If one were to walk down the hair care aisle of any major big box store, there is a high chance Shea Moisture would be on the shelves. With products like shampoos, conditioners, and oils, the natural hair care line has been serving Black and Brown communities for years. But did you know the brain behind the massive beauty and hairline is Liberian-born mogul Richelieu Dennis?

From Humble Beginnings To A Purpose-Driven Mission

Dennis attended Babson College and began selling shea butter from his dorm room. By the early 90s, he had leveraged his dorm room sales to start the Shea Moisture line, which would eventually become a part of the parent company Sundial Brands. However, Dennis’ journey was one of hard work, selling his product from a card table in Harlem.

Beyond the entrepreneurial spirit, Dennis recognized his product was not just a hustle but a connection to something greater.

“But for me, there was this overwhelming sense of responsibility: there were no real products or brands tied to [our] ancestral culture. These ingredients existed,” Dennis said in a 2023 Forbes interview. “You’d have people show up and say, ‘My mother made so-and-so when we were in South Carolina. And she got it from my grandmother, who got it from her mother.’ But because Black culture had been interrupted by slavery, that never got translated into actual products, goods, and services.”

Richelieu Dennis Pays It Forward

Richelieu Dennis, with his deep-rooted connection to the community and strong business acumen, transformed Sundial Brands into a game-changer in the haircare industry, catching the attention of Unilever. The AFROTECH™ report on the deal revealed that Dennis sold the company for a staggering $1.6 billion. While this significantly boosted his personal wealth, he used the acquisition to launch the New Voices Fund, a testament to his commitment to empowering entrepreneurial women of color.

The New Voices Fund, a brainchild of Richelieu Dennis, was established with a clear mission – to provide support to entrepreneurial women of color who often face barriers in accessing capital and building crucial relationships with partners. This initiative is a tangible demonstration of Dennis’ commitment to fostering diversity and inclusivity in the business world.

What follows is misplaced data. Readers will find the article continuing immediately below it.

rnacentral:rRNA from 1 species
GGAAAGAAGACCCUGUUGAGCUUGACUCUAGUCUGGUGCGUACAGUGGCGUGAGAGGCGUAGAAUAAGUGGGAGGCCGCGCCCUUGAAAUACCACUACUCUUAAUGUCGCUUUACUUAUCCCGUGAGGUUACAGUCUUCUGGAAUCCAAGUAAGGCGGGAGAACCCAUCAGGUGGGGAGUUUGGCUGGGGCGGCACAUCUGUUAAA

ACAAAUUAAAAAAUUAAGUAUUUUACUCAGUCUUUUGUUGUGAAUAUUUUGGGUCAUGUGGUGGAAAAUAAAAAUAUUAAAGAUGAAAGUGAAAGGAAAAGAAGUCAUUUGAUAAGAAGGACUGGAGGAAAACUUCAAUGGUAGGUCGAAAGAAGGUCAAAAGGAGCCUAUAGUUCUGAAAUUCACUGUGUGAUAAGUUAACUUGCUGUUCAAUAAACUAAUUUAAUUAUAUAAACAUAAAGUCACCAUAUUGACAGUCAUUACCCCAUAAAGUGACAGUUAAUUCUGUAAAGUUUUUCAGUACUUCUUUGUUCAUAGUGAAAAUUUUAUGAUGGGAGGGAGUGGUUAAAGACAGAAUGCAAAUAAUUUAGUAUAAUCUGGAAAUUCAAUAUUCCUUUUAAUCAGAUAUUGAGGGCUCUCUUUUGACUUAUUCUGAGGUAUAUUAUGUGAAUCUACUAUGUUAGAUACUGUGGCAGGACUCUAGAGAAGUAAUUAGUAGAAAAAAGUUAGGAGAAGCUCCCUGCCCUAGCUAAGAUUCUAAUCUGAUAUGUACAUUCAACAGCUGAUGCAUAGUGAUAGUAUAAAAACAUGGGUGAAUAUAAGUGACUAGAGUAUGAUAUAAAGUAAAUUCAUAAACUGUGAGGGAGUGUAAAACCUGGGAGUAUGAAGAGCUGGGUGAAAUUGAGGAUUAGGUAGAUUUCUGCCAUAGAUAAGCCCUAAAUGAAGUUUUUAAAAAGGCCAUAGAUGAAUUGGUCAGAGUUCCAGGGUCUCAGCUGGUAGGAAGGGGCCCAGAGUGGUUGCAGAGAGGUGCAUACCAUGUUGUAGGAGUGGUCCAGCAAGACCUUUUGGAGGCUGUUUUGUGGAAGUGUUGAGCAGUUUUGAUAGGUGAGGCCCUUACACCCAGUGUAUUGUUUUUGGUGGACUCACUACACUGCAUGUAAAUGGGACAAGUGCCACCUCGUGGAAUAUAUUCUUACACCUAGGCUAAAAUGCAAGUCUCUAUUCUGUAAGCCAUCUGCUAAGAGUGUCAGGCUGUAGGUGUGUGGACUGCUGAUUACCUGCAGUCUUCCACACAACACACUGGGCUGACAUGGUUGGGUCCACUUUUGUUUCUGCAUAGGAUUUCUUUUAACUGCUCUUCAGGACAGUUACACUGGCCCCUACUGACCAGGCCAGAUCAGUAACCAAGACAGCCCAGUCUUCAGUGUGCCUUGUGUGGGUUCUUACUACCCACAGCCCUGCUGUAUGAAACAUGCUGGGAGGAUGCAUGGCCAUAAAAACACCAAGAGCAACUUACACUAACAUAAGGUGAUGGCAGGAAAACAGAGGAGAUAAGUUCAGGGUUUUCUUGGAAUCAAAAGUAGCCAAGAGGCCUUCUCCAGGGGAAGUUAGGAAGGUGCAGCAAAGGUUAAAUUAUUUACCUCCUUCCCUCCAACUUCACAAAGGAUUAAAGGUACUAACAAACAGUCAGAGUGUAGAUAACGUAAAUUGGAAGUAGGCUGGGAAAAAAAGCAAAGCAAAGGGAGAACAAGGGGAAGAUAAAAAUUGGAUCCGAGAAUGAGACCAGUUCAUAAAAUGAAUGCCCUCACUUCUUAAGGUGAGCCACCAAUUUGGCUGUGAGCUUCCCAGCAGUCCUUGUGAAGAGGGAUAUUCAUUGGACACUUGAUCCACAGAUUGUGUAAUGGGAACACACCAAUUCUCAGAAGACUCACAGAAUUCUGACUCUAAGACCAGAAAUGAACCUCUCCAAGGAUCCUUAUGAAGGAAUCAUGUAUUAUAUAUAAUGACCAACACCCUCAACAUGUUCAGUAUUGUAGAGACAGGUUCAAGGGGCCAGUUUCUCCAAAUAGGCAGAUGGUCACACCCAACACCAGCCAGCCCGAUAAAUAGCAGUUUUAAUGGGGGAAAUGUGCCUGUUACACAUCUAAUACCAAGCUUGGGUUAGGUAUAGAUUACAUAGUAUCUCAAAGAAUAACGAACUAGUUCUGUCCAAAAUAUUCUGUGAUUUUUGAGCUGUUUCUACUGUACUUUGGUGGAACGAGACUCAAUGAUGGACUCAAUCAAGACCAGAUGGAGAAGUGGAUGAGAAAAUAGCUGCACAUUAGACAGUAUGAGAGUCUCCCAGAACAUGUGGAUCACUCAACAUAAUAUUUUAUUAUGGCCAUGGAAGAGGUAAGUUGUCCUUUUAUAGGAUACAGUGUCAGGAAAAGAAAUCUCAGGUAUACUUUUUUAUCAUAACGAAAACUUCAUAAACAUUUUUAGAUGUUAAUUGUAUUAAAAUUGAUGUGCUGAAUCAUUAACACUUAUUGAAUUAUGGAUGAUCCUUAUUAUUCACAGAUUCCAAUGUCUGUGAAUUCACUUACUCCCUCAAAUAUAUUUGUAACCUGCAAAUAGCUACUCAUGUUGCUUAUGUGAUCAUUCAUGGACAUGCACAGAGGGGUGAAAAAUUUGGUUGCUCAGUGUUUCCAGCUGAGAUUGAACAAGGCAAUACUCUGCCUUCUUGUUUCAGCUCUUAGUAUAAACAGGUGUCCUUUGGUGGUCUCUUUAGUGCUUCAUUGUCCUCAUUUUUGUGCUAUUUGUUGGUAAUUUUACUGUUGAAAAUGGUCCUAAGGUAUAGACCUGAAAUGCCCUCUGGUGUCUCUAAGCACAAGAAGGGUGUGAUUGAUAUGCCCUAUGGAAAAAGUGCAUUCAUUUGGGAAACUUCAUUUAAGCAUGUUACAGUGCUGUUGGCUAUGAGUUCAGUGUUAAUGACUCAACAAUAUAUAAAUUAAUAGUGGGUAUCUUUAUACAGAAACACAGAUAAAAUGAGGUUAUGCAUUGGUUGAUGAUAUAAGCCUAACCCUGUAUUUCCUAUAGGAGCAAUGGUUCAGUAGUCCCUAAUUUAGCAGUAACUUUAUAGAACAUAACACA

“We have to build our businesses, create value in them, unlock that value,” he said. And we have to take that value and invest it back into our community so that other families get the same opportunities. I think because that hasn’t happened enough at scale for many people, our community hasn’t seen the positive impacts that this can have; they’ve only seen the negative.”

A Man Respected Among His Peers

Known in some respects as the Godfather of Black Entrepreneurs, Dennis is a serial entrepreneur and investor. Since selling Sundial Brands and stepping down as its CEO, Dennis created the Social Mission Board to scale Community Commerce globally. He would go on to create Essence Ventures, a consumer technology company that merges content and commerce for its community members aimed at meeting the cultural and life-sustaining needs of people of color. The organization eventually acquired Essence Communications, Inc. from Time, Inc. in 2018.

In that same year, the 55-year-old purchased the estate of hair and beauty icon Madame CJ Walker. Upon its restoration, the estate is used as a business incubator for Black women entrepreneurs to receive training and guidance to grow and further develop their businesses.

The Liberian native walks it like he talks it with his support for women-owned businesses. Dennis is an investor in Pinky Cole’s popular plant-based burger restaurant Slutty Vegan and the hair care brand Mielle Organics.

Dennis’ acquisition of Essence was the precursor to his current massive presence in the media and art spaces. As one of the co-founders of Group Black, Dennis seeks to transform the face of media ownership and investment. That mission was made evident by the 2023 bid to buy Vice Media, potentially joining over 150 other brands, including ESSENCE, Afropunk, and PlayersTV.

Dennis’ Money Moves Don’t Stop

Most recently, in a separate deal under another media moniker, Sundial Media Group, Dennis and the organization recently announced that it was acquiring Refinery29, a digital media platform serving women, previously owned by Vice Media.

Although Dennis’ money moves have led him to an estimated $350 million-dollar fortune, the goal is never to replicate his success but to find new inspiration for growth and equity across industries consistently.

According to Forbes, “I’m competitive around mission as opposed to accomplishment. There’s so much work to be done in bringing fairness to the marketplace,” Dennis stated.

He continued: “It is hard being an entrepreneur. Period. But when Black entrepreneurs have been systemically blocked out of opportunities and access, it becomes even harder. There was no infrastructure, there was no ecosystem, there was no path that Black entrepreneurs had to rely on or follow.”